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Spare Tire


by Smiley McGrouchpants


               Miles to go.
               MacLean gripped the steering wheel — Allistair MacLean, “not the novelist, just some douchebag” as he'd delight in telling people, clearing that up, for sure — and remained transfixed on the needle pinioning the speed between 75mph and just under 80.
               He really should watch the road more.
               Some thing might come up . . .

               He pushed harder down on the accelerator, then let is up . . . as though it would do anything. He car, indifferent machine, took in more gas and revved and stopped and went back to normal. Wouldn't get him anywhere. Was just a passing fancy.
               Three hours, three hours . . .
               He settled in for the rest. His bones creaked. His car didn't seem to care, even about itself.
               He had no-one to talk to.
               (Or did he … ?)

               Pull in at the next rest stop, he figured. There just might be a phone there.
               “Martin! Martin.”
               “Allistair.”
               Martin was a little runt who talked as though he were making public statements all the time 'cause went to Harvard. But, MacLean needed to know something.
               “How's the weather out there?”
               “Getting rained on.”
               MacLean was getting rained on, too. This was getting weird.
               “Look, I know you said when you retired — ”
               “Save it. I didn't.”
               That changed things.
               MacLean hung up the phone He'd just as soon not talk to him, then.
               Somebody must know a way out of this . . .
               2 hrs., 45 min. and counting . . .

               The speedometer was staring to pick up some extra weight on the needle (again, out of MacLean's frustration and inadvertently — he didn't need to make extra time), when he saw the lights flashing in his rearview mirror.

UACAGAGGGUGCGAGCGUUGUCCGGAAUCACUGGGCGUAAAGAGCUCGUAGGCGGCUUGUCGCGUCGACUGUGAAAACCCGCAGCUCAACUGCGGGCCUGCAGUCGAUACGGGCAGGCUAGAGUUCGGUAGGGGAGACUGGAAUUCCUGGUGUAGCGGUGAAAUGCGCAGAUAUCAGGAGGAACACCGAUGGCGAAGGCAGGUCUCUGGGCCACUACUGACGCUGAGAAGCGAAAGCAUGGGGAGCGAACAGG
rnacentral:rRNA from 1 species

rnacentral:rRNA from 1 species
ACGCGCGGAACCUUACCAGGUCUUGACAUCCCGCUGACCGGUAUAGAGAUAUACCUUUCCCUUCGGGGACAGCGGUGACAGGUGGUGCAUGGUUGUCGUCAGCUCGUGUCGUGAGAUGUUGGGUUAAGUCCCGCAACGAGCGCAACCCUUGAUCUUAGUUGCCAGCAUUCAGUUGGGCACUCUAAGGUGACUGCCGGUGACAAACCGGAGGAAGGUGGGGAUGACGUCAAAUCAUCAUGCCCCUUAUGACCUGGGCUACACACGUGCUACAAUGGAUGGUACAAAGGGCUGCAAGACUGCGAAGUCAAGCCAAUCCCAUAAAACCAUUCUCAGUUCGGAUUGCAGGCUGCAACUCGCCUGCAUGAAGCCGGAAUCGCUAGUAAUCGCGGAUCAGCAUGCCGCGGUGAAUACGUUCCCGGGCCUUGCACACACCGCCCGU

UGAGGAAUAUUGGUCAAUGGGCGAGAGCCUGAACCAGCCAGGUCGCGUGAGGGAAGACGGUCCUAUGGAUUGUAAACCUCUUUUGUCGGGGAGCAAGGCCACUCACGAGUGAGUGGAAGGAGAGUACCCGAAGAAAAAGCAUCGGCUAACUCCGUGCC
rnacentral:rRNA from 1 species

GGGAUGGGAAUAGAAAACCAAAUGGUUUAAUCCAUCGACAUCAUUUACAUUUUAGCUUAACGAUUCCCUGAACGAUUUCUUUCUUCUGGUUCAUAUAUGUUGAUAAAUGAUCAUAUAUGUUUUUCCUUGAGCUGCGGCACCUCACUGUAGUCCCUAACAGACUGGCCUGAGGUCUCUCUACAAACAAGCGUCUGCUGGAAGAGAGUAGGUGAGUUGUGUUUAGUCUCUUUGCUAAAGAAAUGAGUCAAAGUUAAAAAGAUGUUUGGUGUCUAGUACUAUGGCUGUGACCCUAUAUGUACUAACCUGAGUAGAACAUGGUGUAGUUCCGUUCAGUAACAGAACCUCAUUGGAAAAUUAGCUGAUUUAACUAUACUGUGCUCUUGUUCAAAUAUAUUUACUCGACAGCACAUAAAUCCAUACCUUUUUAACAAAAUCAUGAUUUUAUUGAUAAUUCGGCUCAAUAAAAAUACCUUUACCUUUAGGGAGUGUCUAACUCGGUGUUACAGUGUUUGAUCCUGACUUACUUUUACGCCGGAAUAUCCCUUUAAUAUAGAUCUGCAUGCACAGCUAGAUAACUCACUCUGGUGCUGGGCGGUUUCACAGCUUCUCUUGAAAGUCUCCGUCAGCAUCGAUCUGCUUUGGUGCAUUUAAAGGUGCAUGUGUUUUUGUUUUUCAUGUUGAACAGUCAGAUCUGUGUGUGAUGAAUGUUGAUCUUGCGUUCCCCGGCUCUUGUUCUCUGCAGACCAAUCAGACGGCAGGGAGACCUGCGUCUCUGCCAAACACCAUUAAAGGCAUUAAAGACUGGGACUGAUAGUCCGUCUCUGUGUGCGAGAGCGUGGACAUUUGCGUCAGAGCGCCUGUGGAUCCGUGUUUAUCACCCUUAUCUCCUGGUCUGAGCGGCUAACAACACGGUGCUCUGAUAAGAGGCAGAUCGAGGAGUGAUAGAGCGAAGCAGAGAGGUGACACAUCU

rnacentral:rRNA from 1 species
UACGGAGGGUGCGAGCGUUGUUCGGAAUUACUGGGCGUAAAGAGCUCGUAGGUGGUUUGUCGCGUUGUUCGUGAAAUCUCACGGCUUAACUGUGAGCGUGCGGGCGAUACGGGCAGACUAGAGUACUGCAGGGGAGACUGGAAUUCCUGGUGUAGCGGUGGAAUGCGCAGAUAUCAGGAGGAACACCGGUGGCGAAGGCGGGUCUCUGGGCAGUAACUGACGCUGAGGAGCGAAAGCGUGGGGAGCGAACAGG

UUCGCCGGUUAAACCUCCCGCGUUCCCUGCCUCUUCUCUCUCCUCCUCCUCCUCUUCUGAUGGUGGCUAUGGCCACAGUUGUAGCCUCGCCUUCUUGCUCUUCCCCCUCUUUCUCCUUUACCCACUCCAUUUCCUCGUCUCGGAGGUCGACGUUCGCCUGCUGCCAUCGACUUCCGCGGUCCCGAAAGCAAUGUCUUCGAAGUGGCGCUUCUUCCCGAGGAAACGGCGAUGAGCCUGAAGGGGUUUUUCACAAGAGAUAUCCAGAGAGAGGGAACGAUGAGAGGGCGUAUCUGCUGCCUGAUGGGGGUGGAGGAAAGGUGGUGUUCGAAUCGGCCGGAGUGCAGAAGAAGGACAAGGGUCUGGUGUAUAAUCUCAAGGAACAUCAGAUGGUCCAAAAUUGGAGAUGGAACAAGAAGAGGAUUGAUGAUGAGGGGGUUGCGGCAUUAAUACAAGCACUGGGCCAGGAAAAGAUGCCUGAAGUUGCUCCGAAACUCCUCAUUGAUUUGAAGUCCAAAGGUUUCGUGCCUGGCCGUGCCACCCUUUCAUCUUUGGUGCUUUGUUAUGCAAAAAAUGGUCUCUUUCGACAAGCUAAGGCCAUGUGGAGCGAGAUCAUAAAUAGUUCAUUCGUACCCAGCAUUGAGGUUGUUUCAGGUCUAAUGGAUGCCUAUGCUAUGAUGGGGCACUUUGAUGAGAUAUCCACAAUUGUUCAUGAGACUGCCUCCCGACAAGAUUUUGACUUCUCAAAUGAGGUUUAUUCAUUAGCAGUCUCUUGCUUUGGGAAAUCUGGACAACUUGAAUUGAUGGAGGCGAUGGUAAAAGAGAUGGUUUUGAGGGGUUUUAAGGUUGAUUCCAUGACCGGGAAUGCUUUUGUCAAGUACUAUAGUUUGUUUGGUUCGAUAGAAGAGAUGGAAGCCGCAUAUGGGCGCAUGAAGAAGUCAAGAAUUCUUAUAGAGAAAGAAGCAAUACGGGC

Fuck! His hands tightened on the steering wheel as he loosened, absurdly, his foot from the accelerator pedal. (Futilely, that is!)
               What now! he thought, like a goddamn idiot, chiding himself like a fool giving himself a slap upside the head. Last thing I need is a shootout!
               Play it cool, play it cool . . .

               “Hello Officer! Oop — ” (rolling down the window; gave him a chance to reel t in, play it real.) “Was I speeding?' The grin wasn't too forced. I hope.
               “No, I just need to see your license.” No dead body in the trunk, don't worry. “And registration.”
               “Sure thing!” he said, phony as a cheap cigar, hoe it didn't sound like he was screaming. Should have stayed on the phone with that prick . . .
               He turned to look after fumbling for the documentation in his glove box, to see a gun pointed at him.
               “Get out.”
               (Not MacLean's best day ever!)
               “Wha - wha - wha . . . what's the problem officer?”
               “WILL YOU GET OUT OR SO HELP ME I WILL SHOOT YOU IN THE FUCKING FACE!” The gun wavering, but leveling again.
               MacLean got out.

               “Steeeady . . . steeeady . . . ” The cop's gun was wavering.
               So were MacLean's hands, held in the air as they were. He was moving, vaguely. His heart was hammering in his chest.
               “Now what . . . ” The cop cocked the hammer. “I . . . said . . . keep . . . 'em up!” though MacLean hadn't averred from his instructions. The gun was starting to shake again. That made MacLean very nervous.
               The cop reached with his foot and . . . pushed! the door closed.
               He holstered the gun immediately.
               “Now what . . . the fuck . . . are you supposed to tell me?”
               MacLean didn't know what to do.

               Improvise.

               “Uhh . . . yeah.” Long, drawn out. Bought him some time — the time it took to say it. MacLean thought he was going to start wetting his pants. “Yeah.”
               “Higher-ups”
               “What?”
               The cop just looked at him. MacLean knew that hadn't been wise but he'd truly been caught off guard. His brown sweated droplets threatening to drop off the end of his nose, but he dared not move.
               “Higher ups send you” the cop said.
               “Yeah. Yeah.”
               The cop took out a cigarette, like it was something to do, flicked a green Bic lighter a couple times to get it lit. Put his hands back on the car, breathed out the cigarette smoke.
               “Thought so.”
               MacLean didn't know what to do.

                                                             THE END
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